Authors: Susan Brownmiller

  • Last updated on December 10, 2021

American journalist and activist

Author Works


Shirley Chisholm, 1971

Against Our Will: Men, Women, and Rape, 1975

Femininity, 1984

Seeing Vietnam: Encounters of the Road and Heart, 1994

In Our Time: Memoir of a Revolution, 1999

Long Fiction:

Waverly Place, 1989


An American journalist who became politically active in the 1960’s and 1970’s, Susan Brownmiller wrote for The Village Voice, The New York Times Magazine, The New York Times Book Review, Esquire, and Vogue, as well as working for NBC and ABC. Her political profile of Shirley Chisholm, the first black woman to be elected to Congress, led to her active participation in civil rights. After joining a consciousness-raising group who gathered to discuss the harsh realities of antifeminist attitudes and behavior, such as equal pay, abortion rights, and rape, Brownmiller became interested in women’s issues.{$I[AN]9810001994}{$I[A]Brownmiller, Susan}{$I[geo]WOMEN;Brownmiller, Susan}{$I[geo]UNITED STATES;Brownmiller, Susan}{$I[tim]1935;Brownmiller, Susan}

She participated in organizing the sit-in of The Ladies’ Home Journal, in which women demanded a female editorial staff, and columns and research on such women’s concerns as birth control, abortion rights, and spousal abuse.

In 1975 Brownmiller became an overnight sensation with the publication of Against Our Will: Men, Women, and Rape. This was the first significant documentation of rape and its effects on women and society as a whole. The book was a best-seller. Early reviewers split along gender lines, with most women embracing the theoretical foundations of Brownmiller’s argument and many men questioning her research methodology.

Brownmiller spent about four years doing the research for Against Our Will, meticulously documenting the characteristics and circumstances of rape. Brownmiller begins Against Our Will with a description of the history of the laws governing rape, from those of ancient Babylonia to the Mosaic Law (the Ten Commandments as well as the rules in Leviticus and Deuteronomy), through the thirteenth century when attitudes changed remarkably, up to the Vietnam War, an era in which men for the first time in history began to be prosecuted for this violent behavior. Historically rape was not seen as a serious problem. Brownmiller addresses the common use of rape in wars, revolutions, and ordinary life as a means to keep all women in line and to punish some men. She dismisses the claim that all women secretly want to be raped and explains that rape is not a sexual act but rather one of intimidation and power that is meant to humiliate and control women.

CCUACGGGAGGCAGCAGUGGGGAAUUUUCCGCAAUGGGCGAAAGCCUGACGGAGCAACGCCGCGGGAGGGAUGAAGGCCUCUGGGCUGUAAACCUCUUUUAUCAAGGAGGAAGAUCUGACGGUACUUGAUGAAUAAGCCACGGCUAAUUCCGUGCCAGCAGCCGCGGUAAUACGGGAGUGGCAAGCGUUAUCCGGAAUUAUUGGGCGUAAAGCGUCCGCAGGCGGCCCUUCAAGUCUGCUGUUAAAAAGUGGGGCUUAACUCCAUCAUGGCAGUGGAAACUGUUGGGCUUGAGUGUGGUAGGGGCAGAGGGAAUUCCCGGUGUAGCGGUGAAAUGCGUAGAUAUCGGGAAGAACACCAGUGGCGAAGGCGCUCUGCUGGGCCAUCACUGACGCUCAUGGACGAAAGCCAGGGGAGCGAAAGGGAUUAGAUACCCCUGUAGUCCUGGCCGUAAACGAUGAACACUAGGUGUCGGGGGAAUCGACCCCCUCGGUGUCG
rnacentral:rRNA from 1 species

Brownmiller continues her discussion in Femininity, in which she argues that femininity is “a powerful esthetic based upon a recognition of [women’s] powerlessness.” Here, in contrast to her first book, she uses material in books and periodicals to discover the terms and impact of various modern views of femininity. She also interviewed physicians to gain insight, but this work does not have the scholarly documentation of her first book. Femininity reveals how women are controlled and manipulated by a society that demands beauty and obedience of them. When Joel Steinberg, a New York lawyer, was accused of beating his adopted daughter to death, Brownmiller was inspired to write her first novel, Waverly Place, in a “white heat because I was possessed.”

In the 1990’s Brownmiller returned to journalism and current affairs, first writing Seeing Vietnam, an account of a 1992 trip to Vietnam that sparks recollection of the antiwar movement in the United States and its aftermath. In Our Time, despite its subtitle proclaiming it a “memoir,” is in fact a nearly encyclopedic history of the feminist movement of the 1960’s and 1970’s from an engaged eyewitness.

BibliographyCohen, Marcia. The Sisterhood: The True Story of the Women Who Changed the World. New York: Fawcett Columbine, 1988. A biography and a history of the major women in the feminist struggle of the 1960’s and 1970’s. In addition to looking at Betty Friedan, Gloria Steinem, and Germaine Greer, Cohen provides a believable story of Brownmiller’s efforts in the Civil Rights and women’s rights movements and gives her credit for originating and leading the sit-in at the Ladies’ Home Journal.Edwards, Alison. Rape, Racism, and the White Women’s Movement: An Answer to Susan Brownmiller. 2d ed. Chicago: Sojourner Truth Organization, 1979.Kaganoff, Penny. “Susan Brownmiller.” Publishers Weekly, January 27, 1989. An interview with Brownmiller that connects her women’s movement activities with her concern for battered wives and abused children.Leo, John. “The Comeback of Feminine Wiles.” Time, January 30, 1984, 82.Sheffield, Carole J. “Sexual Terrorism.” In Women: A Feminist Perspective, edited by Jo Freeman. 4th ed. Mountain View, Calif: Mayfield, 1989.
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